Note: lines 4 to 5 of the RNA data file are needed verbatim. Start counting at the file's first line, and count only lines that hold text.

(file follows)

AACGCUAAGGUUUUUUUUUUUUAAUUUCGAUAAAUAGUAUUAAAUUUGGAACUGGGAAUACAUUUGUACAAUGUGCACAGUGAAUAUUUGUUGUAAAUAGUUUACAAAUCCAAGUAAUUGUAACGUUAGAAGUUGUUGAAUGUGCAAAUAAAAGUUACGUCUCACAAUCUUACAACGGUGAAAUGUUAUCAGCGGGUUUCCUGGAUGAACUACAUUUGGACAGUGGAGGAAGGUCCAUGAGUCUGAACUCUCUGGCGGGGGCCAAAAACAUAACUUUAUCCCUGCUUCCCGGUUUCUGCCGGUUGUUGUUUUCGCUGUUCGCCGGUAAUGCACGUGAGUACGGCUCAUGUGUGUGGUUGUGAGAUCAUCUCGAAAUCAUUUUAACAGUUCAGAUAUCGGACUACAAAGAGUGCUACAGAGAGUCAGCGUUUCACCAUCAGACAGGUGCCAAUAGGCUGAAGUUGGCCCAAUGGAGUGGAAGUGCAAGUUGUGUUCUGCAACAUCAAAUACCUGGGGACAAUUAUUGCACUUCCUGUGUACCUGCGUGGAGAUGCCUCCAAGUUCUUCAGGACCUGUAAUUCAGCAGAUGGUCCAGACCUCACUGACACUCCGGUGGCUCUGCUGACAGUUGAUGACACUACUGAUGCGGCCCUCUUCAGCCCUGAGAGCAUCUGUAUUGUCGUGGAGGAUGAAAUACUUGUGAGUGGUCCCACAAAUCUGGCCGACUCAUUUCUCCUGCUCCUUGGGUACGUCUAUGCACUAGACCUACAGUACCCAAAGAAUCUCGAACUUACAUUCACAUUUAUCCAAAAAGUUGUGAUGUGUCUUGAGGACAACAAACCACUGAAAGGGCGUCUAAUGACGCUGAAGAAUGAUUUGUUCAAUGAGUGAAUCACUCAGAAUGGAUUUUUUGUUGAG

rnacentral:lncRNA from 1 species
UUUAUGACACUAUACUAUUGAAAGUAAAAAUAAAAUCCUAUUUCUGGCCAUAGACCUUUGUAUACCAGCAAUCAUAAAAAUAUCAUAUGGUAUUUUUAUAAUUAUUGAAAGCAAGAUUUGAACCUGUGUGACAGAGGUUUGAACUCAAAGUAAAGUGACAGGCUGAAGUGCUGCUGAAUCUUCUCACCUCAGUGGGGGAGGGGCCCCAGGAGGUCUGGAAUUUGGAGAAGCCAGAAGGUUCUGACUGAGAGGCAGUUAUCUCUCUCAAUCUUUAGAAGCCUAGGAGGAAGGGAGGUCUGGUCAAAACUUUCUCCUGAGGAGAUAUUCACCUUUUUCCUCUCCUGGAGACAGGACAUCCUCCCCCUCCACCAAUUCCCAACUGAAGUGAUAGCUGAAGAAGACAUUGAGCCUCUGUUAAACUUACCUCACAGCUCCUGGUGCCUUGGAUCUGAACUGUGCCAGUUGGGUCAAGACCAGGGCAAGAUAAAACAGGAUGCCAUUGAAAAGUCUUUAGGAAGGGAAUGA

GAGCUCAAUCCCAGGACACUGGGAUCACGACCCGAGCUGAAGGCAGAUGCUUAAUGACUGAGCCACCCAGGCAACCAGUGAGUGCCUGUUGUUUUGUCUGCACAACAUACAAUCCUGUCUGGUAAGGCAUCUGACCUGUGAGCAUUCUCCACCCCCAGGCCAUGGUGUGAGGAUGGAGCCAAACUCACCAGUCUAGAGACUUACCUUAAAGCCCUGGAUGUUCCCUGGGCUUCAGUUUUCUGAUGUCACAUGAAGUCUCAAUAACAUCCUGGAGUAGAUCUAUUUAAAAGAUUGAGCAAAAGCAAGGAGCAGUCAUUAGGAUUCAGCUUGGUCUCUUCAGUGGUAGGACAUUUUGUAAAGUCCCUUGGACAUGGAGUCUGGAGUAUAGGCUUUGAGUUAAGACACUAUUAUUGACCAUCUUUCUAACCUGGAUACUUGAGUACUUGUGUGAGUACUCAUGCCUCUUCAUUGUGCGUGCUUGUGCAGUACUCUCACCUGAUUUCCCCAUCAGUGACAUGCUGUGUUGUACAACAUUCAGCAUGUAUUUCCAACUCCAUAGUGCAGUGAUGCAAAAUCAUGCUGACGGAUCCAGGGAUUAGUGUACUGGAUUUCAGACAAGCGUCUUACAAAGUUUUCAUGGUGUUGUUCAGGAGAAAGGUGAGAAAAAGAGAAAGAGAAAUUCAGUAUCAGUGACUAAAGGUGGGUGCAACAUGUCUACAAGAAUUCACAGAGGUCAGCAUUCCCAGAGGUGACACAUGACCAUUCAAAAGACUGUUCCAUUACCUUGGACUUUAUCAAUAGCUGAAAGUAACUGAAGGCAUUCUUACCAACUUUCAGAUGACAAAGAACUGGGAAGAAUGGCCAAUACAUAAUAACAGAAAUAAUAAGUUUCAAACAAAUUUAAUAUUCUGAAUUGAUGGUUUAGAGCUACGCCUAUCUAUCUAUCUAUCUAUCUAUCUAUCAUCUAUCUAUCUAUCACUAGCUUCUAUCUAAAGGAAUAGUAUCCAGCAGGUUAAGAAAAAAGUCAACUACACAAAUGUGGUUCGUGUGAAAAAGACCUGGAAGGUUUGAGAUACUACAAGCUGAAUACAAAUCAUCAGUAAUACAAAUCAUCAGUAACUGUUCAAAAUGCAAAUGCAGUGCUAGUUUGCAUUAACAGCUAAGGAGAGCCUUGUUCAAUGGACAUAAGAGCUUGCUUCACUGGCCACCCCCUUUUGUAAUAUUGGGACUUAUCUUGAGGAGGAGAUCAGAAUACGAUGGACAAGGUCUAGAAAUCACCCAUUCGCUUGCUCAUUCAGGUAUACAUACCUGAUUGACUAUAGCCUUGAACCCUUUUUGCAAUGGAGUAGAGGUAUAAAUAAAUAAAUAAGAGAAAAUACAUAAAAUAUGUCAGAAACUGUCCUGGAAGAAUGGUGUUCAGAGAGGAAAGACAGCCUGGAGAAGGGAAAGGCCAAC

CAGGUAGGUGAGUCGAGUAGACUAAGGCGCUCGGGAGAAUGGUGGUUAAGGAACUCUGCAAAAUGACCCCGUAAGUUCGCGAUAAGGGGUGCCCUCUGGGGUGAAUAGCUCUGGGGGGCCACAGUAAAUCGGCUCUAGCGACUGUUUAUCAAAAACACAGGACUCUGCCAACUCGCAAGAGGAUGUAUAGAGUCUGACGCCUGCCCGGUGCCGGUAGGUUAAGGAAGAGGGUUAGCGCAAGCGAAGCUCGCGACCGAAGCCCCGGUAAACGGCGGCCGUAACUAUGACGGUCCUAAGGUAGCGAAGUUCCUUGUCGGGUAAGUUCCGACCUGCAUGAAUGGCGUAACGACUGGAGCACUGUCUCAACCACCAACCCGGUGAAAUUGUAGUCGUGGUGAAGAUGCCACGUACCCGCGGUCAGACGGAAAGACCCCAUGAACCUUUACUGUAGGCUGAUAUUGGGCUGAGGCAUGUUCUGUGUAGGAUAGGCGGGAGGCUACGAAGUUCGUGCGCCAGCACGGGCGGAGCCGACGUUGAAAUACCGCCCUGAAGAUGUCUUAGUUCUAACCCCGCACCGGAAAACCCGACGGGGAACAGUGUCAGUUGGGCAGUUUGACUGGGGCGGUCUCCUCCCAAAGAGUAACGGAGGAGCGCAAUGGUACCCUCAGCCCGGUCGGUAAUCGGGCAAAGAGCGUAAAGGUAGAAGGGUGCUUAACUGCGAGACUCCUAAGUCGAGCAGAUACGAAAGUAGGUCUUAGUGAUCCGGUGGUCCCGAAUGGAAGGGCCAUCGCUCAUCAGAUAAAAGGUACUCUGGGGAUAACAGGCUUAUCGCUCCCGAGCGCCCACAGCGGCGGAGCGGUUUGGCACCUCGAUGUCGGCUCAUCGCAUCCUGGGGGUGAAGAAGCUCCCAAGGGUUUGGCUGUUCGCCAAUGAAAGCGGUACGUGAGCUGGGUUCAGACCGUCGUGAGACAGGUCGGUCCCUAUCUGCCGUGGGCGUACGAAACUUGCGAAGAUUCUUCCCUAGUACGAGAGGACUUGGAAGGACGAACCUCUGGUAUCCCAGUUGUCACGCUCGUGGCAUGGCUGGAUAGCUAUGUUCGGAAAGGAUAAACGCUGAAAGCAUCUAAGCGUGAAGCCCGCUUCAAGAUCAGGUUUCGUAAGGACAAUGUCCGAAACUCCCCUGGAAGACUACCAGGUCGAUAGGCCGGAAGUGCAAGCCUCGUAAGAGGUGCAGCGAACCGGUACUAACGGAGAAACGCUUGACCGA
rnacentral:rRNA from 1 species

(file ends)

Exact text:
GAGCUCAAUCCCAGGACACUGGGAUCACGACCCGAGCUGAAGGCAGAUGCUUAAUGACUGAGCCACCCAGGCAACCAGUGAGUGCCUGUUGUUUUGUCUGCACAACAUACAAUCCUGUCUGGUAAGGCAUCUGACCUGUGAGCAUUCUCCACCCCCAGGCCAUGGUGUGAGGAUGGAGCCAAACUCACCAGUCUAGAGACUUACCUUAAAGCCCUGGAUGUUCCCUGGGCUUCAGUUUUCUGAUGUCACAUGAAGUCUCAAUAACAUCCUGGAGUAGAUCUAUUUAAAAGAUUGAGCAAAAGCAAGGAGCAGUCAUUAGGAUUCAGCUUGGUCUCUUCAGUGGUAGGACAUUUUGUAAAGUCCCUUGGACAUGGAGUCUGGAGUAUAGGCUUUGAGUUAAGACACUAUUAUUGACCAUCUUUCUAACCUGGAUACUUGAGUACUUGUGUGAGUACUCAUGCCUCUUCAUUGUGCGUGCUUGUGCAGUACUCUCACCUGAUUUCCCCAUCAGUGACAUGCUGUGUUGUACAACAUUCAGCAUGUAUUUCCAACUCCAUAGUGCAGUGAUGCAAAAUCAUGCUGACGGAUCCAGGGAUUAGUGUACUGGAUUUCAGACAAGCGUCUUACAAAGUUUUCAUGGUGUUGUUCAGGAGAAAGGUGAGAAAAAGAGAAAGAGAAAUUCAGUAUCAGUGACUAAAGGUGGGUGCAACAUGUCUACAAGAAUUCACAGAGGUCAGCAUUCCCAGAGGUGACACAUGACCAUUCAAAAGACUGUUCCAUUACCUUGGACUUUAUCAAUAGCUGAAAGUAACUGAAGGCAUUCUUACCAACUUUCAGAUGACAAAGAACUGGGAAGAAUGGCCAAUACAUAAUAACAGAAAUAAUAAGUUUCAAACAAAUUUAAUAUUCUGAAUUGAUGGUUUAGAGCUACGCCUAUCUAUCUAUCUAUCUAUCUAUCUAUCAUCUAUCUAUCUAUCACUAGCUUCUAUCUAAAGGAAUAGUAUCCAGCAGGUUAAGAAAAAAGUCAACUACACAAAUGUGGUUCGUGUGAAAAAGACCUGGAAGGUUUGAGAUACUACAAGCUGAAUACAAAUCAUCAGUAAUACAAAUCAUCAGUAACUGUUCAAAAUGCAAAUGCAGUGCUAGUUUGCAUUAACAGCUAAGGAGAGCCUUGUUCAAUGGACAUAAGAGCUUGCUUCACUGGCCACCCCCUUUUGUAAUAUUGGGACUUAUCUUGAGGAGGAGAUCAGAAUACGAUGGACAAGGUCUAGAAAUCACCCAUUCGCUUGCUCAUUCAGGUAUACAUACCUGAUUGACUAUAGCCUUGAACCCUUUUUGCAAUGGAGUAGAGGUAUAAAUAAAUAAAUAAGAGAAAAUACAUAAAAUAUGUCAGAAACUGUCCUGGAAGAAUGGUGUUCAGAGAGGAAAGACAGCCUGGAGAAGGGAAAGGCCAAC

CAGGUAGGUGAGUCGAGUAGACUAAGGCGCUCGGGAGAAUGGUGGUUAAGGAACUCUGCAAAAUGACCCCGUAAGUUCGCGAUAAGGGGUGCCCUCUGGGGUGAAUAGCUCUGGGGGGCCACAGUAAAUCGGCUCUAGCGACUGUUUAUCAAAAACACAGGACUCUGCCAACUCGCAAGAGGAUGUAUAGAGUCUGACGCCUGCCCGGUGCCGGUAGGUUAAGGAAGAGGGUUAGCGCAAGCGAAGCUCGCGACCGAAGCCCCGGUAAACGGCGGCCGUAACUAUGACGGUCCUAAGGUAGCGAAGUUCCUUGUCGGGUAAGUUCCGACCUGCAUGAAUGGCGUAACGACUGGAGCACUGUCUCAACCACCAACCCGGUGAAAUUGUAGUCGUGGUGAAGAUGCCACGUACCCGCGGUCAGACGGAAAGACCCCAUGAACCUUUACUGUAGGCUGAUAUUGGGCUGAGGCAUGUUCUGUGUAGGAUAGGCGGGAGGCUACGAAGUUCGUGCGCCAGCACGGGCGGAGCCGACGUUGAAAUACCGCCCUGAAGAUGUCUUAGUUCUAACCCCGCACCGGAAAACCCGACGGGGAACAGUGUCAGUUGGGCAGUUUGACUGGGGCGGUCUCCUCCCAAAGAGUAACGGAGGAGCGCAAUGGUACCCUCAGCCCGGUCGGUAAUCGGGCAAAGAGCGUAAAGGUAGAAGGGUGCUUAACUGCGAGACUCCUAAGUCGAGCAGAUACGAAAGUAGGUCUUAGUGAUCCGGUGGUCCCGAAUGGAAGGGCCAUCGCUCAUCAGAUAAAAGGUACUCUGGGGAUAACAGGCUUAUCGCUCCCGAGCGCCCACAGCGGCGGAGCGGUUUGGCACCUCGAUGUCGGCUCAUCGCAUCCUGGGGGUGAAGAAGCUCCCAAGGGUUUGGCUGUUCGCCAAUGAAAGCGGUACGUGAGCUGGGUUCAGACCGUCGUGAGACAGGUCGGUCCCUAUCUGCCGUGGGCGUACGAAACUUGCGAAGAUUCUUCCCUAGUACGAGAGGACUUGGAAGGACGAACCUCUGGUAUCCCAGUUGUCACGCUCGUGGCAUGGCUGGAUAGCUAUGUUCGGAAAGGAUAAACGCUGAAAGCAUCUAAGCGUGAAGCCCGCUUCAAGAUCAGGUUUCGUAAGGACAAUGUCCGAAACUCCCCUGGAAGACUACCAGGUCGAUAGGCCGGAAGUGCAAGCCUCGUAAGAGGUGCAGCGAACCGGUACUAACGGAGAAACGCUUGACCGA